Economics in a picture
Job restructuring has an important role in explaining aggregate real wage variation
Aggregate real wage variation results from the combination of wages of new, exiting, and continuing firms. The decomposition of aggregate wage growth according to firm dynamics suggests that, in general, aggregate real wage growth is lower than the wage variation of job stayers (within component). Therefore, worker and job restructuring affect real wage growth negatively.
Job restructuring has an important role in explaining changes in real wages. In the short-run, new firms contribute negatively to real wage growth, implying that average real wages of new firms are lower than average real wages of incumbents. Firm closures contribute positively to real wage growth, suggesting that on average real wages of exiting firms are lower than real wages of incumbents. This result tallies with a reallocation of resources toward more productive firms. Finally, high-wage firms seem to have increased their labour shares in the period from 2005 to 2008 while the opposite holds in the years from 2013 to 2016 (between component).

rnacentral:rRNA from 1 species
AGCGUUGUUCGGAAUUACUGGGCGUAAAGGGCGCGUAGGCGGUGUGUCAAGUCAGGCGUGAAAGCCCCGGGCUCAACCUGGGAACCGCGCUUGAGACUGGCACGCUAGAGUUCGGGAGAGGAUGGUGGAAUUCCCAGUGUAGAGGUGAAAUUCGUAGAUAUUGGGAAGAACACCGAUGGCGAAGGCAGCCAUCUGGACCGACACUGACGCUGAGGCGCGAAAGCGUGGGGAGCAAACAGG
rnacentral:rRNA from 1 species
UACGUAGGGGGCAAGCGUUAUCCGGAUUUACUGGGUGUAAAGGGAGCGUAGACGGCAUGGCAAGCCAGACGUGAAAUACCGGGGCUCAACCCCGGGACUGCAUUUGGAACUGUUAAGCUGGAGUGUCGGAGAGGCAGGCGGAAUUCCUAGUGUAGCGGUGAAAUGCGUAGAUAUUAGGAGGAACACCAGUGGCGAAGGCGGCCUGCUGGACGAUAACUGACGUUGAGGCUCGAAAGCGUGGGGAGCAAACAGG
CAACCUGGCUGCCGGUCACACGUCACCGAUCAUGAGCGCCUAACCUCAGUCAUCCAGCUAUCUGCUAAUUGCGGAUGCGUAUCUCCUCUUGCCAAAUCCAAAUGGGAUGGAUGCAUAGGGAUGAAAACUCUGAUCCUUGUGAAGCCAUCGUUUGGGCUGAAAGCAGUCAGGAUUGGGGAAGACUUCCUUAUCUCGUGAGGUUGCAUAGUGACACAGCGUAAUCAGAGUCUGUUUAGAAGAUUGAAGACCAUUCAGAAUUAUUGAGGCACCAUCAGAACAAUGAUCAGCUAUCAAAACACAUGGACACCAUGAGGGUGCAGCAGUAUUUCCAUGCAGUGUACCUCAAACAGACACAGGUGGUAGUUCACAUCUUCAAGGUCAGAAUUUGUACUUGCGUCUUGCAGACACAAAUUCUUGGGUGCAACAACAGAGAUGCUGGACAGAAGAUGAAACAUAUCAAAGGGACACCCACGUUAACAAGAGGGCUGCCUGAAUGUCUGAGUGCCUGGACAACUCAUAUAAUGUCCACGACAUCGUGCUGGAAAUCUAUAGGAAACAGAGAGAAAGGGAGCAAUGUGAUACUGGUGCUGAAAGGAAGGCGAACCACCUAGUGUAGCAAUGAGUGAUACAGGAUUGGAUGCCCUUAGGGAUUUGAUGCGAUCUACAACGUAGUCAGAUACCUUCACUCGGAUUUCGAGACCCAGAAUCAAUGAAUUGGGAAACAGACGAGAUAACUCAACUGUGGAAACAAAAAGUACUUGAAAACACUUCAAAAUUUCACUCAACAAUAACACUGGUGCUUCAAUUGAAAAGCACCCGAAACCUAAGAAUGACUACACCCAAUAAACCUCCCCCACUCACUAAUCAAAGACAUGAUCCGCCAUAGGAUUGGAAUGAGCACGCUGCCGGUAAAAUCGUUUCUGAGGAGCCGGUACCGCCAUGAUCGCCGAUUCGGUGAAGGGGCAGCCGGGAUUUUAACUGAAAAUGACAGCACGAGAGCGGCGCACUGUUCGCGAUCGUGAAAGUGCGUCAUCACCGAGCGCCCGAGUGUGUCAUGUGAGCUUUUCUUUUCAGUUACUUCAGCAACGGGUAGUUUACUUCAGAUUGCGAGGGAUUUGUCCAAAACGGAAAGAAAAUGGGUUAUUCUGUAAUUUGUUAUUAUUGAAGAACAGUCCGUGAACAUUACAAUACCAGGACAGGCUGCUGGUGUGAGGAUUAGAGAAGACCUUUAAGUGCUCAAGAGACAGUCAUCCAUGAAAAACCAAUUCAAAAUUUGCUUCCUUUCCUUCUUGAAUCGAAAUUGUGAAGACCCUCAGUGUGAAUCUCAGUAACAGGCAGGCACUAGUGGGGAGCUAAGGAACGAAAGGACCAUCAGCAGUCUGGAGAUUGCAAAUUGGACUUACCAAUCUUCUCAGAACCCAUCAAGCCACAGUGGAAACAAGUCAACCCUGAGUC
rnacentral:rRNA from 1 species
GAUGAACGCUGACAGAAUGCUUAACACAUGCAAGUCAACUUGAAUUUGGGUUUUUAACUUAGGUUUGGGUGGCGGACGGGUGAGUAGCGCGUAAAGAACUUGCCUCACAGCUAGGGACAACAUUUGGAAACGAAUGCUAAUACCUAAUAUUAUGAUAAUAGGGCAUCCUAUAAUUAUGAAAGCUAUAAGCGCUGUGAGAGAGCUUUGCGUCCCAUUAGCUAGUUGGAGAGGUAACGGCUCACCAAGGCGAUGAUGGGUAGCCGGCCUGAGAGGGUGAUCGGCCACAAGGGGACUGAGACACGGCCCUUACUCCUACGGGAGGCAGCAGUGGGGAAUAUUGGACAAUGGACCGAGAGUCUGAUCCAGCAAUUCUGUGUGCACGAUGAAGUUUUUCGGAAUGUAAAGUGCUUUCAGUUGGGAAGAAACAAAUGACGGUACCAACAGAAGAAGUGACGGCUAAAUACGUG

For more details see Sónia Félix and Pedro Portugal (2019) “How do firm dynamics and worker mobility influence real wage growth?” in Portuguese economic growth: A view on structural features, blockages and reforms, Banco de Portugal.
Prepared by Sónia Félix and Pedro Portugal. The analyses, opinions, and findings expressed above are those of the authors and do not necessarily coincide with those of Banco de Portugal or the Eurosystem.
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